A field must have greater than 25% crop residue cover or a cover crop to be eligible for winter manure spreading, along with other restrictions. Photo credit: Charlie White
Spreading manure in the winter is discouraged because it is a high risk time period for nutrient losses and contamination of surface water. If wintertime manure spreading is absolutely unavoidable on your farm, following the regulations for winter spreading in Pennsylvania will help to reduce the risk of nutrient losses. Winter is defined as any of the following three conditions:
Below are guidelines that must be followed when spreading manure during winter periods. These guidelines apply to farms operating under a Manure Management Plan, which are typically smaller, less intensive operations. Concentrated Animal Operations (CAOs) that are regulated under Act 38 or permitted Concentrated Animal Feeding Operations (CAFOs) should consult their Nutrient Management Plan to determine allowable winter spreading practices.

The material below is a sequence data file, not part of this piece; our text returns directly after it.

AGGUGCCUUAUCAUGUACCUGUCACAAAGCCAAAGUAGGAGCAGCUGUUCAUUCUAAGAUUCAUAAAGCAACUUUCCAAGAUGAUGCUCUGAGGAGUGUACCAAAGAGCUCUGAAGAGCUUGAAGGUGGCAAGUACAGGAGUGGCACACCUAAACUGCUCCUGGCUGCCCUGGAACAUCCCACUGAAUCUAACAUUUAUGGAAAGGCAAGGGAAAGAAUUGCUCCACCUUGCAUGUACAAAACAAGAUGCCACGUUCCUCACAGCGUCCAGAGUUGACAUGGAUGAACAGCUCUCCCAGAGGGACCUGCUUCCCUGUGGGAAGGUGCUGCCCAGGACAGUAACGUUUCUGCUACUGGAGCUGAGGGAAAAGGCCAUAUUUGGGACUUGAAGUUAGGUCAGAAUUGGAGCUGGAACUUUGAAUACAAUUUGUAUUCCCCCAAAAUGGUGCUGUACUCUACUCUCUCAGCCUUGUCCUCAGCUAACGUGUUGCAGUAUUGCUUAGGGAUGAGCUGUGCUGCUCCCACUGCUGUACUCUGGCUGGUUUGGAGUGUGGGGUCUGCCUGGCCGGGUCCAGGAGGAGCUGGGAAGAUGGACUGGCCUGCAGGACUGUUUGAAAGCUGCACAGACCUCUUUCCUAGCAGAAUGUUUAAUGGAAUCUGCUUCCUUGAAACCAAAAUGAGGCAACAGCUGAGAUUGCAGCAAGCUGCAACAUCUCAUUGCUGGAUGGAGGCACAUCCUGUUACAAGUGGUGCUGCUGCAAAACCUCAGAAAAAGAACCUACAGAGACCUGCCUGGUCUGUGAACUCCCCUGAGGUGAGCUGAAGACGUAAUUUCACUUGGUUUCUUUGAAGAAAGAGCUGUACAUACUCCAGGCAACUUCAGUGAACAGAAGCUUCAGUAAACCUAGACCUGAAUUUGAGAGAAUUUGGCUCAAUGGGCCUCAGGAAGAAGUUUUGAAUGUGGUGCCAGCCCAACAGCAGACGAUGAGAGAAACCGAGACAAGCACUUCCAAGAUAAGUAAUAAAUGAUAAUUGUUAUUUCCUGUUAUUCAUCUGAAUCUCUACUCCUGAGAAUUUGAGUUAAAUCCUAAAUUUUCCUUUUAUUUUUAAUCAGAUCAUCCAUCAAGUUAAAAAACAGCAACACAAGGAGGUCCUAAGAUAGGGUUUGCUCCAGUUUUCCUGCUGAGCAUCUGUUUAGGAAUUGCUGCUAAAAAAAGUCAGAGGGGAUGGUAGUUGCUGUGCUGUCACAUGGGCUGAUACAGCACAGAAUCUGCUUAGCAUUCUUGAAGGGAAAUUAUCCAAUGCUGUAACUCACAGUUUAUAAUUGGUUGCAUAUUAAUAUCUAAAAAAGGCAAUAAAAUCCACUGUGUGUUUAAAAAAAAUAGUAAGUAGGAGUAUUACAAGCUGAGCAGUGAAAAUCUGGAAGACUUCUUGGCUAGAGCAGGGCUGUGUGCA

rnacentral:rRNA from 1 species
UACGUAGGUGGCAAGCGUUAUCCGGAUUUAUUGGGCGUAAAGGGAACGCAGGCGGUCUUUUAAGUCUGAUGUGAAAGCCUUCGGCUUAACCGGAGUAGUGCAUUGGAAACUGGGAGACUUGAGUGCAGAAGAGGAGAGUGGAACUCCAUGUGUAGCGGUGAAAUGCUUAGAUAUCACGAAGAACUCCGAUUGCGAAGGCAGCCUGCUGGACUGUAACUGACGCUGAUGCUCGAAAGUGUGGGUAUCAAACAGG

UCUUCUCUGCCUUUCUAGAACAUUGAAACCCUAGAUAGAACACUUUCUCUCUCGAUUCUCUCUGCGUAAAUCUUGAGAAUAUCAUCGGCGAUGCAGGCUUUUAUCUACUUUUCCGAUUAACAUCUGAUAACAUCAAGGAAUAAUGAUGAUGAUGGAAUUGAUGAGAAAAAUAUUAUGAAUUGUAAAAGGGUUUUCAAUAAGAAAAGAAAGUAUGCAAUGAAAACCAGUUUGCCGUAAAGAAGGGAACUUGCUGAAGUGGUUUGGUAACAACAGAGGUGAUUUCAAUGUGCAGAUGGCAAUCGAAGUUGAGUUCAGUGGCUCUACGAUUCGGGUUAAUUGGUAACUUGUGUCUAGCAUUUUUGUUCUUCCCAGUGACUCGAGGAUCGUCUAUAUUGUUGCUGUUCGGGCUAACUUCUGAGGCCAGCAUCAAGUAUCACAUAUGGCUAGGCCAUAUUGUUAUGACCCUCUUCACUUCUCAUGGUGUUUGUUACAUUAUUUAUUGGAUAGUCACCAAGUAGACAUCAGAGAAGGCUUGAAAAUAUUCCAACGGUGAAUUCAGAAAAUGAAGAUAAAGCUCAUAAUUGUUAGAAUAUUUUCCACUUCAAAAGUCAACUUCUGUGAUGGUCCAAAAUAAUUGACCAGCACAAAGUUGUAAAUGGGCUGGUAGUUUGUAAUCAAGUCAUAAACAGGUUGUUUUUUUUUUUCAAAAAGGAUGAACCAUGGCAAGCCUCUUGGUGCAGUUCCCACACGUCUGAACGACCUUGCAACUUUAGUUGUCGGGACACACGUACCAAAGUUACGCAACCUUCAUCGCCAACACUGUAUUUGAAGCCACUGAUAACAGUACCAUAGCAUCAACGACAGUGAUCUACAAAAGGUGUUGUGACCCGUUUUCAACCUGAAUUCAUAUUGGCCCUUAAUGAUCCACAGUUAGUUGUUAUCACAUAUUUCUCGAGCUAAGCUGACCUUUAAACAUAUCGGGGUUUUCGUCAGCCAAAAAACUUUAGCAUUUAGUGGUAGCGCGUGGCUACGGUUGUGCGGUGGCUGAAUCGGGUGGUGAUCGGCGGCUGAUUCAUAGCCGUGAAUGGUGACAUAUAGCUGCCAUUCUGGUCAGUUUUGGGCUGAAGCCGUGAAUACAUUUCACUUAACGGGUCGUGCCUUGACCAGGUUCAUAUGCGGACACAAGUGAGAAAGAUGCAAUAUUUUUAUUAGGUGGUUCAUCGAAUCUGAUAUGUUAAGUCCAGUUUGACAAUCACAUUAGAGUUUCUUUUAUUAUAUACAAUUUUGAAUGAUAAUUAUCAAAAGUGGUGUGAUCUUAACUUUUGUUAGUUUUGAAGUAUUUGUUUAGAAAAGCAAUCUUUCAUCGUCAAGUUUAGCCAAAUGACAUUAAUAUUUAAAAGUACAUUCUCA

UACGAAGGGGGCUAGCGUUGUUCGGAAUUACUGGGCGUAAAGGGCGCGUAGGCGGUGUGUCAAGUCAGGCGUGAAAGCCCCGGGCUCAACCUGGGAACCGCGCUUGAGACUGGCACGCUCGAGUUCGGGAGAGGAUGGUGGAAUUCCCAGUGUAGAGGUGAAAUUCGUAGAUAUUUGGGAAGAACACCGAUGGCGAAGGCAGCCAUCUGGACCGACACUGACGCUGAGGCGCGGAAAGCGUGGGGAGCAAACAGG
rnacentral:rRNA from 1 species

Winter spreading of manure is a practice that is under intense scrutiny because of the elevated risks for nutrient losses and its effect on water quality. Some states in the region have even outlawed winter manure spreading altogether. Increasing manure storage capacity to alleviate the need for winter spreading is the most preferred management practice. Use wintertime spreading as a last resort and be sure to follow the above guidelines to reduce the risk for nutrient losses when doing so.